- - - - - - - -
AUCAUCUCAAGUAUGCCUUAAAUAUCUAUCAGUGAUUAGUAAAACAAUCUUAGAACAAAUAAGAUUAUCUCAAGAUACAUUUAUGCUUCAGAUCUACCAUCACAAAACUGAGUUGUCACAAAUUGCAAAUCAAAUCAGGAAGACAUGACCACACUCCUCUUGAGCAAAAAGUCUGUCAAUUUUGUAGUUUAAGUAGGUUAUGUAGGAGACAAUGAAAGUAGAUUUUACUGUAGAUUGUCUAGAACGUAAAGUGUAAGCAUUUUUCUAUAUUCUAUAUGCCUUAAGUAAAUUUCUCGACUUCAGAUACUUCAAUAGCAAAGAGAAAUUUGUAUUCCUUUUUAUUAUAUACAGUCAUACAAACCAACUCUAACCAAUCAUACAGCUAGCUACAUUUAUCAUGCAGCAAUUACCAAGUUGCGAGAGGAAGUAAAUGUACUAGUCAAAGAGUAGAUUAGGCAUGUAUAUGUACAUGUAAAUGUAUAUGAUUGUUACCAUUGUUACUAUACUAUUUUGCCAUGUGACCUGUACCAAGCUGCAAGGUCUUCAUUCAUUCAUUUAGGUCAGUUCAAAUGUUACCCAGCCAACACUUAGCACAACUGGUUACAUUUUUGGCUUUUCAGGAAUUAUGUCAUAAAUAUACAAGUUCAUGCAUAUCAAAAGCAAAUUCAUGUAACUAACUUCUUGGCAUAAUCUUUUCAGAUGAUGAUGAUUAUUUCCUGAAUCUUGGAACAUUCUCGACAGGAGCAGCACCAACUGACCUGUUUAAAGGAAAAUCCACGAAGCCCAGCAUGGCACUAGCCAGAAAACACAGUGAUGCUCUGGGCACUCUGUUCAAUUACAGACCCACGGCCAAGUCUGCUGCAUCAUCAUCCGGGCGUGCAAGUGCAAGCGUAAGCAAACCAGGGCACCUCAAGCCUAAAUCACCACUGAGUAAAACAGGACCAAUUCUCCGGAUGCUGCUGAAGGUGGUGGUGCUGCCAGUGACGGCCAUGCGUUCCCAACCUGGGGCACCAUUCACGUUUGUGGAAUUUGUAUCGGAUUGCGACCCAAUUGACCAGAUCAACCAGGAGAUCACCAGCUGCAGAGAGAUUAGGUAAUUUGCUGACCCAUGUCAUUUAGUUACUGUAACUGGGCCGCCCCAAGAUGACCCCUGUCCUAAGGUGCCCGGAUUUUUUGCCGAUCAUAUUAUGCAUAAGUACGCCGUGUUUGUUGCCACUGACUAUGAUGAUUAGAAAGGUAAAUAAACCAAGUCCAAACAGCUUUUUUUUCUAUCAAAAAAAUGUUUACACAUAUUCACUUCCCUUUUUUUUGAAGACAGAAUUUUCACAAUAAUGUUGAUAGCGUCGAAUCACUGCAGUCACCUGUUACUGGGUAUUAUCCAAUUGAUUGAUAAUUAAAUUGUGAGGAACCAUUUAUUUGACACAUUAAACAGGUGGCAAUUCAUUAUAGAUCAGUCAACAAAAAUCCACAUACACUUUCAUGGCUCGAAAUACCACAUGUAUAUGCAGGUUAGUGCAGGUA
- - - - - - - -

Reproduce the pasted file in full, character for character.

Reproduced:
AUCAUCUCAAGUAUGCCUUAAAUAUCUAUCAGUGAUUAGUAAAACAAUCUUAGAACAAAUAAGAUUAUCUCAAGAUACAUUUAUGCUUCAGAUCUACCAUCACAAAACUGAGUUGUCACAAAUUGCAAAUCAAAUCAGGAAGACAUGACCACACUCCUCUUGAGCAAAAAGUCUGUCAAUUUUGUAGUUUAAGUAGGUUAUGUAGGAGACAAUGAAAGUAGAUUUUACUGUAGAUUGUCUAGAACGUAAAGUGUAAGCAUUUUUCUAUAUUCUAUAUGCCUUAAGUAAAUUUCUCGACUUCAGAUACUUCAAUAGCAAAGAGAAAUUUGUAUUCCUUUUUAUUAUAUACAGUCAUACAAACCAACUCUAACCAAUCAUACAGCUAGCUACAUUUAUCAUGCAGCAAUUACCAAGUUGCGAGAGGAAGUAAAUGUACUAGUCAAAGAGUAGAUUAGGCAUGUAUAUGUACAUGUAAAUGUAUAUGAUUGUUACCAUUGUUACUAUACUAUUUUGCCAUGUGACCUGUACCAAGCUGCAAGGUCUUCAUUCAUUCAUUUAGGUCAGUUCAAAUGUUACCCAGCCAACACUUAGCACAACUGGUUACAUUUUUGGCUUUUCAGGAAUUAUGUCAUAAAUAUACAAGUUCAUGCAUAUCAAAAGCAAAUUCAUGUAACUAACUUCUUGGCAUAAUCUUUUCAGAUGAUGAUGAUUAUUUCCUGAAUCUUGGAACAUUCUCGACAGGAGCAGCACCAACUGACCUGUUUAAAGGAAAAUCCACGAAGCCCAGCAUGGCACUAGCCAGAAAACACAGUGAUGCUCUGGGCACUCUGUUCAAUUACAGACCCACGGCCAAGUCUGCUGCAUCAUCAUCCGGGCGUGCAAGUGCAAGCGUAAGCAAACCAGGGCACCUCAAGCCUAAAUCACCACUGAGUAAAACAGGACCAAUUCUCCGGAUGCUGCUGAAGGUGGUGGUGCUGCCAGUGACGGCCAUGCGUUCCCAACCUGGGGCACCAUUCACGUUUGUGGAAUUUGUAUCGGAUUGCGACCCAAUUGACCAGAUCAACCAGGAGAUCACCAGCUGCAGAGAGAUUAGGUAAUUUGCUGACCCAUGUCAUUUAGUUACUGUAACUGGGCCGCCCCAAGAUGACCCCUGUCCUAAGGUGCCCGGAUUUUUUGCCGAUCAUAUUAUGCAUAAGUACGCCGUGUUUGUUGCCACUGACUAUGAUGAUUAGAAAGGUAAAUAAACCAAGUCCAAACAGCUUUUUUUUCUAUCAAAAAAAUGUUUACACAUAUUCACUUCCCUUUUUUUUGAAGACAGAAUUUUCACAAUAAUGUUGAUAGCGUCGAAUCACUGCAGUCACCUGUUACUGGGUAUUAUCCAAUUGAUUGAUAAUUAAAUUGUGAGGAACCAUUUAUUUGACACAUUAAACAGGUGGCAAUUCAUUAUAGAUCAGUCAACAAAAAUCCACAUACACUUUCAUGGCUCGAAAUACCACAUGUAUAUGCAGGUUAGUGCAGGUA